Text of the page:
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Sinophobia in the Era of US-China Rivalry

Since the beginning of COVID-19, anti-Chinese sentiments have proliferated globally, often fueled by misinformation disseminated and encouraged across multitudes of media platforms. While Sinophobia transcends across countries, one, in particular, stands out: The United States. In 2023 alone, several hate crimes have been reported. Most notably the Lunar New Year shooting and the stabbing of a University Student inside a bus.

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Sinophobia in the US can be traced back to the Yellow Peril orientalist myth. The false notion of East and Southeast Asians as a racial group which threatens the existence of Western countries by outnumbering the ‘Whites’. It promotes the idea that the Eastern World and Western World are drastically different, with people from the former often portrayed as ‘primitive savages’. The Yellow Peril myth gained prominence when Chinese immigrants arrived in the US to work for menial wages as miners, often scapegoated for ‘stealing jobs’. Anti-Chinese sentiments worsened during the Cold War when the People’s Republic of China (PRC) emerged as a Communist state. While the country’s previously dormant image palliated Sinophobia, China is now a central topic amongst Americans today and receives increasing negative coverage as the country earns prominence across the globe – and this is not coincidental.

News media agencies, social media, and even politicians are responsible for encouraging blatant anti-China rhetoric. They often exaggerate any news originating from China or falsify the information into anything sinister. The propaganda aims to discredit the Communist country, but its unintended consequence threatens the safety, and lives, of Asian Americans by precipitating anti-Chinese bigotry amongst the people. While the political values of China and the US are conflicting, the conflation of CPC with ordinary Chinese citizens or ancestry is a dangerous precedent augmenting targeted hate crimes. By normalizing this rhetoric of lies and exaggerations, we are enabling harm against innocent people by associating them with a country’s government.

Today, anything remotely associated with China is instinctively vilified. The success of this agenda-setting campaign against China can be delineated from the ludicrous story of a Chinese spy balloon ostensibly dispatched to spy on Americans which made headlines for weeks, further villainizing the Chinese people. This fearmongering is deliberately weaponized by American state actors in order to defame China in the eyes of the public as the latter rises as a competent global hegemon and a challenger to America’s position as the sole superpower.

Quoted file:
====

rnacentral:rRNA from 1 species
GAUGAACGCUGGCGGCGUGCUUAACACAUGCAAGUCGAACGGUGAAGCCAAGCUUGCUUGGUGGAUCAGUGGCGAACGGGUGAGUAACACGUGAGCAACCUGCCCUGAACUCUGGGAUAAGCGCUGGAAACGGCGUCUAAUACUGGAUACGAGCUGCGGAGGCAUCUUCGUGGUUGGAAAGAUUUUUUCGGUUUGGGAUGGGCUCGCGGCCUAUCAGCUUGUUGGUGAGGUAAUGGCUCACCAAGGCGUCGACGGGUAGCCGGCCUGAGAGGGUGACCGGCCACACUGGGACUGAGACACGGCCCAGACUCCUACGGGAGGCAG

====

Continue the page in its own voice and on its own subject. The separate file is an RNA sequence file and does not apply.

Nevertheless, the Sinophobic hysteria lies in hypocrisy. China is censured for actions also perpetrated by the US. Most notably, the accusations of installing spy malware in Huawei electronics, which ultimately prompted its embargo and eventual arrest of its CFO in Canada, is hypocritical when the fingers are pointed by Americans whose National Security Agency was revealed to have surveillance abilities over its citizens by whistleblower Edward Snowden.

The weaponization of Sinophobic sentiments is adopted by the American government, which is a common strategy utilized to undermine another country. Regardless, the dehumanization of an entire racial population prompts misinformation, bigotry, and hate crimes. Society should not condone them, and human rights should not be impeded in the struggles of power politics. No ordinary individual is deserving of being accountable for actions beyond their control. Sinophobia is a real threat in Western society today, and the government must act upon it as such.

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Associated Press (2023) University: Student stabbed on bus because she is Asian [online] available from <>

Feiner, L. (2021) ‘Huawei CFO Meng Wanzhou to be released after agreement with U.S. in wire fraud case’, CNBC [online] available from <>

Ghee, L. T. (2022) ‘Revival of the Yellow Peril Myth’, The Sun Daily [online] available from <>

Greenwald, G., MacAskill, E. & Poitras, L. (2013) ‘Edward Snowden: the whistleblower behind the NSA surveillance revelations’, The Guardian [online] available from <>

Lane, S., Fecteau, M., Quran, L. & Nawaz, A. (2023) ‘Community seeks answers after deadly Lunar Year shooting in California’, PBS [online] available from <>

Yilek, C. (2023) ‘What we know so far about the Chinese spy balloon and the other objects the U.S. shot down’, CBS News [online] available from <>

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